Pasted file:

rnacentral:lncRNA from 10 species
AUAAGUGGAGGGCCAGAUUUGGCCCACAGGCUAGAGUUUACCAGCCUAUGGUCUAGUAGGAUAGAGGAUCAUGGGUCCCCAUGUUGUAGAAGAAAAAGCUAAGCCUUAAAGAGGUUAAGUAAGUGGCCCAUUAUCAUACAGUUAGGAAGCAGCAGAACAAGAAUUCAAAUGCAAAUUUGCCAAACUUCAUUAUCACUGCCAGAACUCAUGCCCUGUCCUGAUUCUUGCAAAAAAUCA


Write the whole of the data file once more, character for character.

rnacentral:lncRNA from 10 species
AUAAGUGGAGGGCCAGAUUUGGCCCACAGGCUAGAGUUUACCAGCCUAUGGUCUAGUAGGAUAGAGGAUCAUGGGUCCCCAUGUUGUAGAAGAAAAAGCUAAGCCUUAAAGAGGUUAAGUAAGUGGCCCAUUAUCAUACAGUUAGGAAGCAGCAGAACAAGAAUUCAAAUGCAAAUUUGCCAAACUUCAUUAUCACUGCCAGAACUCAUGCCCUGUCCUGAUUCUUGCAAAAAAUCA